Baker & Hostetler LLP named litigation partners Gilbert Keteltas and Karin Scholz Jenson national co-heads of its e- discovery advocacy and management team.
Jenson recently took over leadership of the firm’s Madoff Discovery Management Team, a subgroup of the E-Discovery Advocacy and Management Team, which oversees issues arising from the firm’s role as counsel to the SIPA Trustee for the liquidation of Bernard L. Madoff Investment Securities, according to the firm’s publicist.
The Madoff bankruptcy and fraud matter has spawned more than 1,000 separate pieces of litigation, and generated more than 28 million documents, the firm said.
Keteltas is a trial lawyer who has directed electronic discovery on major cases. He is on the faculty of the E- Discovery Institute at Georgetown Law School.
Covington & Burling Hires CFTC Lawyer Julian Hammar
A former assistant general counsel at the U.S. Commodity Futures Trading Commission, Julian E. Hammar, joined Covington & Burling LLP’s corporate, securities, and energy regulation groups as special counsel in Washington.
Hammar will focus on advising clients on the implementation of the Dodd-Frank Wall Street Reform and Consumer Protection Act.
During his 13 years at the CFTC, Hammar worked with the Securities and Exchange Commission to draft regulations required by the Dodd-Frank Act. Hammar also provided technical legislative assistance and briefed the Treasury Department and House and Senate Committee staffs regarding aspects of the Commodity Exchange Act, the firm said.
Covington & Burling LLP has more than 800 lawyers at nine offices in the U.S., Europe and Asia.
International Tax Lawyer Joins DLA Piper in Los Angeles
DLA Piper LLP announced that Patrick Connolly joined the firm’s tax practice as a partner in the Los Angeles office. He joins the firm from PricewaterhouseCoopers LLP, where he was a principal in the international tax services group, the firm said.
Connolly focuses his practice on complex international tax matters and transactions for various industries with a strong emphasis on the technology sector.
DLA Piper has 4,200 lawyers in 31 countries and 77 offices throughout the Americas, U.K., Continental Europe, Middle East, Asia and Australia.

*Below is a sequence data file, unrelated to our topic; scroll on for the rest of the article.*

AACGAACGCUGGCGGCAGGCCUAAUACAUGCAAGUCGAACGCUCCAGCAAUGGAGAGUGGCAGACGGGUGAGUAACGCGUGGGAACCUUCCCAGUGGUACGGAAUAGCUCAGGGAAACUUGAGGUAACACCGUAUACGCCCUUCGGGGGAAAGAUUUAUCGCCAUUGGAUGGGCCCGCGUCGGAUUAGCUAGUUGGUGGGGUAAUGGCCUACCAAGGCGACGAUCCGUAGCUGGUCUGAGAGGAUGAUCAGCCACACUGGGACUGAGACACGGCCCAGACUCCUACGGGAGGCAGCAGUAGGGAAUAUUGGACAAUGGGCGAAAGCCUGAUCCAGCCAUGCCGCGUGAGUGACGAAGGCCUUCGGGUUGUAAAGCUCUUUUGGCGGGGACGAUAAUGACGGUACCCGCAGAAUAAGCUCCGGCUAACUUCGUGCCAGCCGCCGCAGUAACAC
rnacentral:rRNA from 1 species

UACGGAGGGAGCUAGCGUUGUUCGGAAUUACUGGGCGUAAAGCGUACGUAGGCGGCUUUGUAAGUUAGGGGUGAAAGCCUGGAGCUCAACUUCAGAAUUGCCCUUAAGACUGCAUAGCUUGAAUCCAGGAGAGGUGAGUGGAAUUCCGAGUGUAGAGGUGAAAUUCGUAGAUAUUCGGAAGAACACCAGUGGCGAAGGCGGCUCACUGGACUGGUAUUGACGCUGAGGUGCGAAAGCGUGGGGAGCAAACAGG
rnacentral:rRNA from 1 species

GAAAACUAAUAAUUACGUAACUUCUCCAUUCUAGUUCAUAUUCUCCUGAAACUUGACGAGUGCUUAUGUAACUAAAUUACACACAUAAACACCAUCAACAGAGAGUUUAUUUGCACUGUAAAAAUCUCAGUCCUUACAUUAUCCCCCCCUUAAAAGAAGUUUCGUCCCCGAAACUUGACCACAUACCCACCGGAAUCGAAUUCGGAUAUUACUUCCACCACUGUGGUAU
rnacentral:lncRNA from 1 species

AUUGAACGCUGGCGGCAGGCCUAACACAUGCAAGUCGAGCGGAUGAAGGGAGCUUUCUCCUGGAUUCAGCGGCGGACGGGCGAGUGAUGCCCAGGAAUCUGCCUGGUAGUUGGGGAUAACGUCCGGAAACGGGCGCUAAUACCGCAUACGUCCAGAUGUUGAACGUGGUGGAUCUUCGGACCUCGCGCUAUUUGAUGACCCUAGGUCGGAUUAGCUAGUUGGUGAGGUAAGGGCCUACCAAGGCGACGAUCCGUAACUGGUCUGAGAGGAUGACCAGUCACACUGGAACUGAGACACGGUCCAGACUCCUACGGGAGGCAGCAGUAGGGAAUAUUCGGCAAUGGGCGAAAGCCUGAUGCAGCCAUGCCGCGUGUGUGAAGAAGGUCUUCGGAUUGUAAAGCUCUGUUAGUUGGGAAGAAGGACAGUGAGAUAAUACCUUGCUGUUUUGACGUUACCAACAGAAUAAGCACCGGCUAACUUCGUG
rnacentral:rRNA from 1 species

Mintz Levin Hires Corporate & Securities Member in San Diego
Mintz, Levin, Cohn, Ferris, Glovsky and Popeo PC (1367L:US) hired former U.S. Marine Corps officer and DLA Piper LLP partner Marty B. Lorenzo as a member in the corporate and securities practice in San Diego, the firm said.
Lorenzo has experience assisting public and private emerging growth companies in domestic and international transactions involving private equity and venture capital financings as well as mergers and acquisitions. He also advises his international clients on expansion and consolidation projects, reorganization of assets, and cross-border business law matters, the firm said.
Mintz Levin has 500 lawyers in eight offices in the U.S. and London.
Real Estate Lawyer Joins Herrick Feinstein in New York
Herrick, Feinstein LLP hired real estate lawyer Richard R. Kalikow as a partner in the firm’s New York office. Kalikow joins Herrick from Diamond McCarthy LLP where he was a partner, and before that was a partner with Skadden Arps Slate Meagher & Flom LLP for 25 years, the firm said.
He has experience representing U.S. and international clients, including institutional and private investors in acquisitions, financings, leasing, development, joint ventures, real estate funds and other real estate-related matters. He also specializes in representing both lenders and borrowers in connection with workouts and restructurings.
Herrick, Feinstein has 170 lawyers in three U.S. offices.
AMR Creditor Lawyer Said to Warn Pilots of Contract-Failure Risk
The lawyer for AMR Corp. (AAMRQ:US)’s unsecured creditors committee warned American Airlines pilots of the risks of rejecting a tentative contract that would allow the carrier’s post- bankruptcy plan to be weighed against a US Airways Group Inc. (LCC:US) merger, three people familiar with the matter said.
Jack Butler of Skadden, Arps, Slate, Meagher & Flom LLP told members of the Allied Pilots Association in meetings in three cities that pilots would lose a 13.5 percent stake in a restructured AMR if the deal isn’t approved, said the people, who asked not to be identified because the talks were private.
A successful vote would help the creditors panel evaluate AMR’s preferred strategy to leave bankruptcy on its own and US Airways’ takeover push. Fort Worth, Texas-based AMR needs a contract with the pilots, the only union without a new accord, to determine its future costs.
Since reaching the tentative agreement on Nov. 9, the union has urged ratification in meetings in eight cities that began Dec. 1, according to the APA’s website.
The sessions to which Butler was invited included a forum Dec. 5 near the airline’s headquarters, the APA said in a message to members on its website.
The case is In re AMR Corp., 11-15463, U.S. Bankruptcy Court, Southern District of New York (Manhattan).
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Sporkin Calls Netflix CEO’s Facebook Post ‘Minor Gaffe’
Thomas Sporkin, a partner at BuckleySandler LLP, talks about the possibility that Netflix Inc. (NFLX:US) and Chief Executive Officer Reed Hastings may face a U.S. Securities and Exchange Commission civil claim over a July Facebook post that coincided with the stock’s biggest gain in almost six weeks.
Sporkin talks with Deirdre Bolton on Bloomberg Television’s “Money Moves.”
The July 3 post by Hastings said Netflix viewing “exceeded 1 billion hours” of videos in June. The shares rose 6.2 percent that day.
SEC staff alleges Netflix and its CEO violated rules governing selective disclosure, according to a company filing Dec. 6.